A good farmer

“A good farmer in our times has to know more about more things than a man in any other profession. He has to be a biologist, a veterinary, a mechanic, a botanist, a horticulturist, and many other things, and he has to have an open mind, eager and ready to absorb new knowledge and new ideas and new ideals.

A good farmer is always one of the most intelligent and best educated men in our society. We have been inclined in our wild industrial development, to forget that agriculture is the base of our whole economy and that in the economic structure of the nation it is always the cornerstone. It has always been so throughout history, and it will continue to be so until there are no more men on this earth. We are apt to forget that the man who owns the land and cherishes it and works it well is the source of our stability as a nation, not only in the economic but the social sense as well. Few great leaders ever came out of city slums or even suburbs…most of the men who have molded the destinies of the nation have come off the land or from small towns. The great majority of leaders, even in the world of industry and finance, have come from here. As a nation, we do not value our farmers enough; indeed I believe that good farmers do not value themselves highly enough. I have known all kinds of people, many of them celebrated in many countries, but for companionship, good conversation, intelligence and the power of stimulating one’s mind, there are none I would place above the farmer.

But there are two other qualities, beyond the realm of the inquiring mind or the weight of education, without which no man could be a good farmer. These I believe are born in him. They are a passionate feeling for the soil he owns and an understanding and sympathy for his animals. I do not believe that these traits can be acquired; they are almost mystical qualities, belonging only to people who are a little “teched” [touched] and very close to Nature itself.”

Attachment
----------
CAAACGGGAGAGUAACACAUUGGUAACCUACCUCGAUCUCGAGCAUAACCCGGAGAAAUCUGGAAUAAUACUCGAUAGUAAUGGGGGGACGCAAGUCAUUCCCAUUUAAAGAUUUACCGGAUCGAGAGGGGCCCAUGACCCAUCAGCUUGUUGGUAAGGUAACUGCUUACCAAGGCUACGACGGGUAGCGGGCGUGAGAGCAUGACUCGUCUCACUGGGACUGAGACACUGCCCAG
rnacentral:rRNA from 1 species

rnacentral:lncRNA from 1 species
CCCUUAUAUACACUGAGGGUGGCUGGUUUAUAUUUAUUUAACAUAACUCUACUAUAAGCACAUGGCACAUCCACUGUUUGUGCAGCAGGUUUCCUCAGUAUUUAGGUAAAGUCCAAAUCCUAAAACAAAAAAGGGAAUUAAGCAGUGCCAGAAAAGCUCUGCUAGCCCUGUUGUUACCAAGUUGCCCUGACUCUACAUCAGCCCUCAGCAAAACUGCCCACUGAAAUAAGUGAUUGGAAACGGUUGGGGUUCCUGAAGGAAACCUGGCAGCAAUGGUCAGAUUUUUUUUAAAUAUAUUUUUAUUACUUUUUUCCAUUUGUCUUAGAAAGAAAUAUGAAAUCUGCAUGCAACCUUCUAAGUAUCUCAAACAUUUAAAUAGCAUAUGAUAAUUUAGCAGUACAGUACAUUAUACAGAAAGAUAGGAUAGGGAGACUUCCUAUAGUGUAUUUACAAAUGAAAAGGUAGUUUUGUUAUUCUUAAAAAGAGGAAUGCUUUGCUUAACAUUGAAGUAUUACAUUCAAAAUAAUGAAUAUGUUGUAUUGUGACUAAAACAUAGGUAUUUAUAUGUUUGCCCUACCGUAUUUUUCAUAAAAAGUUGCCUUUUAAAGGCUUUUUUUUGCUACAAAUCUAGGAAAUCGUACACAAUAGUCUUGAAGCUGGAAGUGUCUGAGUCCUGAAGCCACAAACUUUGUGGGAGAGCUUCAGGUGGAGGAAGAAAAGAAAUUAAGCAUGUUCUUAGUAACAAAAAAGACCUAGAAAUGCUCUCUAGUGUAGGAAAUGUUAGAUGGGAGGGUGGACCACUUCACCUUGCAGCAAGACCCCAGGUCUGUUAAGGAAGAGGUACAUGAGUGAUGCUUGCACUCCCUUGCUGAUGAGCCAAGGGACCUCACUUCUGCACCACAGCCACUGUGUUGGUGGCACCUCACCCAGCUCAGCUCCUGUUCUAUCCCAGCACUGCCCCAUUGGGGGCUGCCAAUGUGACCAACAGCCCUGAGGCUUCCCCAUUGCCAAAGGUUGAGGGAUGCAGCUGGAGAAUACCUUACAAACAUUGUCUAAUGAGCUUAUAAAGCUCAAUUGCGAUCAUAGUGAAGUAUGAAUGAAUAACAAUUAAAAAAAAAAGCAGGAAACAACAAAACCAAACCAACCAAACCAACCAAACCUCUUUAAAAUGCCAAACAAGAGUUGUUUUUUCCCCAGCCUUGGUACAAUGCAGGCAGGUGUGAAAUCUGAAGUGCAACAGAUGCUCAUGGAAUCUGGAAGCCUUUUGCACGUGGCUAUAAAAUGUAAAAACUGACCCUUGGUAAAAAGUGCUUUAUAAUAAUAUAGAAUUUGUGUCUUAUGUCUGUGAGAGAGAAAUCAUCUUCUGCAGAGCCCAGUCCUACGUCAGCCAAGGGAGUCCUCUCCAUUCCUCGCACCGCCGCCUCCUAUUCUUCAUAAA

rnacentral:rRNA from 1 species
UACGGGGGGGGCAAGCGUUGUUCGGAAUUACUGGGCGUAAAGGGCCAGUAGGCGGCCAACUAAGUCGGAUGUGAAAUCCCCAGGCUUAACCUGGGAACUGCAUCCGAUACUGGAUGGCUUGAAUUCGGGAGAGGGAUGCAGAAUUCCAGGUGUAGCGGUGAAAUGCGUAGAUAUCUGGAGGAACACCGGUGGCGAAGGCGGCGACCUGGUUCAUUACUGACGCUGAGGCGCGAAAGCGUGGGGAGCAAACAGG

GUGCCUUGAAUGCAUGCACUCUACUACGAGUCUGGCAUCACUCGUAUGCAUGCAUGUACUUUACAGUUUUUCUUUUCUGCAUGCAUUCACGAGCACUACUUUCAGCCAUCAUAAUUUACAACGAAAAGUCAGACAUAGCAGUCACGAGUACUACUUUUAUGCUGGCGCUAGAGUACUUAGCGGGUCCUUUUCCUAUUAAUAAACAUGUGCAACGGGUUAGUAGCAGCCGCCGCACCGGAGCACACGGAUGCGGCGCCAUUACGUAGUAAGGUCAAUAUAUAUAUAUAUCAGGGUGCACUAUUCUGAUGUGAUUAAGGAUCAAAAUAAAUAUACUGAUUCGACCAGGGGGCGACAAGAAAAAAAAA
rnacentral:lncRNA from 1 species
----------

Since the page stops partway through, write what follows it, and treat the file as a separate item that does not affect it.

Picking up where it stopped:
Louis Bromfield, Pleasant Valley, 1943, pp51-52.

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7 thoughts on “A good farmer

  1. Mr. Bromfield most likely could not envision a world in which most of the farm land is owned by consortia of financiers. Not only do they lack a “feeling for the soil [they] own,” they will sell out as soon as the rate of increase in profit margin starts to flatten. How can an honest farmer compete with that?

    • He actually did see that happening Matt, and had some interesting things to say about it. More important than what he said though, that reality was in fact a major motivating factor in why he bought his Malabar Farm and spent the latter part of his life practicing and preaching sustainable/conservation agriculture. He was a very interesting guy and I hope to have more to say about him, since I am now perusing his personal library, which was terrific.

    • Thanks for the link to Malabar farm. Here in the Seattle area, there is an explosion of interest in sustainable food, backyard chickens, etc. I’m all in, I got my third generation of new hens this spring. I was thrilled to meet a young lady at the Bellingham Farmer’s Market selling heirloom bean varieties grown by volunteers at a nonprofit farm dedicated to sustainability.

  2. Jim,
    Any comments on this paper?
    A likelihood perspective on tree-ring
    standardization: eliminating modern
    sample bias
    J. Cecile, C. Pagnutti, and M. Anand
    University of Guelph, School of Environmental Sciences, Guelph, Canada

    The topic is similar to your “Problems in Dendro” series but much harder for me to follow because it lacks the graphs you showed.

    • Yes Matt and in fact the lead author and I have corresponded a bit on it and about my series as well. I’ll try to have some things to say about it but man I have zero time right now.

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